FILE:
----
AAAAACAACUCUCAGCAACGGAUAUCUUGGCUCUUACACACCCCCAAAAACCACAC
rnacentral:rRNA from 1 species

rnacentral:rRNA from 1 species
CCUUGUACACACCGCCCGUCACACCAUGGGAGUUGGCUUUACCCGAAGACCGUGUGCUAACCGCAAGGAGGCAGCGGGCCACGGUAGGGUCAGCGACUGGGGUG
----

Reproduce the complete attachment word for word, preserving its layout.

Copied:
AAAAACAACUCUCAGCAACGGAUAUCUUGGCUCUUACACACCCCCAAAAACCACAC
rnacentral:rRNA from 1 species

rnacentral:rRNA from 1 species
CCUUGUACACACCGCCCGUCACACCAUGGGAGUUGGCUUUACCCGAAGACCGUGUGCUAACCGCAAGGAGGCAGCGGGCCACGGUAGGGUCAGCGACUGGGGUG